Shorter days and cooler weather signal that it’s time to turn back the clocks, marking the end of daylight saving time. The darker evenings can knock our body clocks out of sync, taking a few days to readjust.
Plants, too, suffer consequences to changing light conditions, so in this issue a biologist reveals the latest research into plant circadian clocks, by answering the curious question ‘Do plants get jet lag?’.
With falling temperatures, we will soon be spending more time indoors. But after reading a chemist’s account of the air pollution inside our homes, perhaps you will reconsider. Elsewhere in this issue, find out what a study of the Italian liqueur limoncello can tell us about emulsions, investigate the science behind sunscreens, and discover a visually exciting alternative to the standard experiments for finding an empirical formula.
As you might have seen, we are currently conducting our own research of sorts. Over the summer, we invited you – our readers – to take part in a survey about Science in School, on behalf of our publisher EIROforum. Thank you to everyone who shared their views to help shape the future directions of the journal. Look out for an update in the next issue.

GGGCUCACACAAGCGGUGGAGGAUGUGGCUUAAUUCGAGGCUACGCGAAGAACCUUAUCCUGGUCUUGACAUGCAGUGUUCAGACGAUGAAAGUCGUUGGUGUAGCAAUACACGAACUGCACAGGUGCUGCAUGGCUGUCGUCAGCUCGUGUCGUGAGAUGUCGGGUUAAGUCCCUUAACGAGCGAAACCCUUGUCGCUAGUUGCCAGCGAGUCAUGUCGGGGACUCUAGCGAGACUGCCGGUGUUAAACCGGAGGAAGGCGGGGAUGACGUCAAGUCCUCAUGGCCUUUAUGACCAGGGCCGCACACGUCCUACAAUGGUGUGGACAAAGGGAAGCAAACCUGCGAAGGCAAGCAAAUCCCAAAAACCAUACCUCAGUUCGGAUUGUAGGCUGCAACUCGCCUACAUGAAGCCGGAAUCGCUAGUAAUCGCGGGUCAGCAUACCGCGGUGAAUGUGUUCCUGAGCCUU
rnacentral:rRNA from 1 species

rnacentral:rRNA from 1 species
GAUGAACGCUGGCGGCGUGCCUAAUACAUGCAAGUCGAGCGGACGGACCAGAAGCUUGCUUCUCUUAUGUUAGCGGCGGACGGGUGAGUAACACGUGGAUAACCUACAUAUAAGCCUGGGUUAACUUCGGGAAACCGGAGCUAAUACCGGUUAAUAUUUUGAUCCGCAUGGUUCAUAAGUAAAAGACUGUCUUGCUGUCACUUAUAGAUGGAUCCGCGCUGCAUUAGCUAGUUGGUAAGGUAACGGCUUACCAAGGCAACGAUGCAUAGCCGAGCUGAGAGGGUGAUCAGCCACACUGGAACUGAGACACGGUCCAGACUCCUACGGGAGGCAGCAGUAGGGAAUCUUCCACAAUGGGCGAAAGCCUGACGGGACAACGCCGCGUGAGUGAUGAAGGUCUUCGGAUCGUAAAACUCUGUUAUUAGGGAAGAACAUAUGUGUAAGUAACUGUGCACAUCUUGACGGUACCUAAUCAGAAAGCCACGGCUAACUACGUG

And, finally, are your students curious about careers in science? For inspiration, we have a variety of career-focused articles to highlight the vast range of possibilities that are open to them. Go behind the scenes at one of Europe’s largest laboratories to explore some of the less visible roles that make science happen, find out about an interactive project that bridges the gap between classroom science and research scientists, and read about the collaborative career path of a synchrotron scientist, who is using powerful techniques to study ancient works of art.
We hope these resources will help your students to explore rewarding careers in science – and perhaps join the next generation of STEM professionals.